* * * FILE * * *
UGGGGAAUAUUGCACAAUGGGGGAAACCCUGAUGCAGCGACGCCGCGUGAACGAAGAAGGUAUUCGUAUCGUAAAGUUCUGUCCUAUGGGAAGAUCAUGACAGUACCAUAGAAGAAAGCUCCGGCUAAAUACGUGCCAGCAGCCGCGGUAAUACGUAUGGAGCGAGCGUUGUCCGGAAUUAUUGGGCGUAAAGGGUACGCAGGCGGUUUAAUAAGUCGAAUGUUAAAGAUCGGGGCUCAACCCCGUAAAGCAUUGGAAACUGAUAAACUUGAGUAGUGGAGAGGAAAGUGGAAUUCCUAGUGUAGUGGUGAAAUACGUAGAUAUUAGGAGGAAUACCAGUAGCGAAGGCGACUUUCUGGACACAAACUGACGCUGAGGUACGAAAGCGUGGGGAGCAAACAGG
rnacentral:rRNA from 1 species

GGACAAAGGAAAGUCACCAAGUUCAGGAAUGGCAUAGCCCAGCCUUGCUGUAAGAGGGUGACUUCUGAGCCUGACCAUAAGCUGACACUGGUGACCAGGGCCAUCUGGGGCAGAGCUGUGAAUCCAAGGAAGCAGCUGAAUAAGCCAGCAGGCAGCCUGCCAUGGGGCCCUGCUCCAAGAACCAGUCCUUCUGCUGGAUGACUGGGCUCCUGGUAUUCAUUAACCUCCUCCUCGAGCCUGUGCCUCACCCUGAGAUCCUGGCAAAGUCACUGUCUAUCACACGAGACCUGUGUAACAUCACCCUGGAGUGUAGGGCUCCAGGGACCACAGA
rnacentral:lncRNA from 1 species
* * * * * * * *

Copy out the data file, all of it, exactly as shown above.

UGGGGAAUAUUGCACAAUGGGGGAAACCCUGAUGCAGCGACGCCGCGUGAACGAAGAAGGUAUUCGUAUCGUAAAGUUCUGUCCUAUGGGAAGAUCAUGACAGUACCAUAGAAGAAAGCUCCGGCUAAAUACGUGCCAGCAGCCGCGGUAAUACGUAUGGAGCGAGCGUUGUCCGGAAUUAUUGGGCGUAAAGGGUACGCAGGCGGUUUAAUAAGUCGAAUGUUAAAGAUCGGGGCUCAACCCCGUAAAGCAUUGGAAACUGAUAAACUUGAGUAGUGGAGAGGAAAGUGGAAUUCCUAGUGUAGUGGUGAAAUACGUAGAUAUUAGGAGGAAUACCAGUAGCGAAGGCGACUUUCUGGACACAAACUGACGCUGAGGUACGAAAGCGUGGGGAGCAAACAGG
rnacentral:rRNA from 1 species

GGACAAAGGAAAGUCACCAAGUUCAGGAAUGGCAUAGCCCAGCCUUGCUGUAAGAGGGUGACUUCUGAGCCUGACCAUAAGCUGACACUGGUGACCAGGGCCAUCUGGGGCAGAGCUGUGAAUCCAAGGAAGCAGCUGAAUAAGCCAGCAGGCAGCCUGCCAUGGGGCCCUGCUCCAAGAACCAGUCCUUCUGCUGGAUGACUGGGCUCCUGGUAUUCAUUAACCUCCUCCUCGAGCCUGUGCCUCACCCUGAGAUCCUGGCAAAGUCACUGUCUAUCACACGAGACCUGUGUAACAUCACCCUGGAGUGUAGGGCUCCAGGGACCACAGA
rnacentral:lncRNA from 1 species